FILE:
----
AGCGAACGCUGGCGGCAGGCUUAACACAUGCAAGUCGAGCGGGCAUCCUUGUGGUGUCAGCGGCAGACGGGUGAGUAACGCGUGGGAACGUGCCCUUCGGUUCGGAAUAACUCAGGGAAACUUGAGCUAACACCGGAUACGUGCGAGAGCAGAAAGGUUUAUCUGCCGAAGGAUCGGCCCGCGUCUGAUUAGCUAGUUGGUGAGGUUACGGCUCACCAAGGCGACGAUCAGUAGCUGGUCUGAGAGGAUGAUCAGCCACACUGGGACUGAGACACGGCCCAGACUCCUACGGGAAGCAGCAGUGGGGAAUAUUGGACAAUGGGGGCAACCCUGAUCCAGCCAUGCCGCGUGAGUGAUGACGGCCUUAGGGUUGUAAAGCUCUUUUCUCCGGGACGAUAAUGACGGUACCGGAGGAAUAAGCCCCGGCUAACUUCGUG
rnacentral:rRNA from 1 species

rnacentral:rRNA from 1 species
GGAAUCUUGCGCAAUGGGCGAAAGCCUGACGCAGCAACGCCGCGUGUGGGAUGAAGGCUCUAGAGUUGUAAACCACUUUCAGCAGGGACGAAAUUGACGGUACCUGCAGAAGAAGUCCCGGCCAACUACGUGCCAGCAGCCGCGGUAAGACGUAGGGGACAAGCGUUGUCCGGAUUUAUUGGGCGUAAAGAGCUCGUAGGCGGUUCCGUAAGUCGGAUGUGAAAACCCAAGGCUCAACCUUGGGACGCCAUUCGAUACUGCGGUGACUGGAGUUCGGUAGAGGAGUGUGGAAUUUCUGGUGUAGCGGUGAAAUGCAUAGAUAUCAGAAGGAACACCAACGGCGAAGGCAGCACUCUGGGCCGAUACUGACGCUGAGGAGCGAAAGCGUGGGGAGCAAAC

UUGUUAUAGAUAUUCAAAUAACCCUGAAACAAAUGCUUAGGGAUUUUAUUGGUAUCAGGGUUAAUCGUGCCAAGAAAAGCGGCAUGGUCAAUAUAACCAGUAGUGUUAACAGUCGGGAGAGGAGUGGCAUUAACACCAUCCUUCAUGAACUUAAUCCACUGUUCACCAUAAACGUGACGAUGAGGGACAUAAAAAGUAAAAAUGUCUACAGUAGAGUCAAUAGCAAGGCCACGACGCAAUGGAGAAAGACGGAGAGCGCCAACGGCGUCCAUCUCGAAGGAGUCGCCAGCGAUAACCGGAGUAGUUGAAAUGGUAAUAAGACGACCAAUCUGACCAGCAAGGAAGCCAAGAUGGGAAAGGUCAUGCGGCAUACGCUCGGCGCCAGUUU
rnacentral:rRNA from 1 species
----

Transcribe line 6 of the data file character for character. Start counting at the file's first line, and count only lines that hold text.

rnacentral:rRNA from 1 species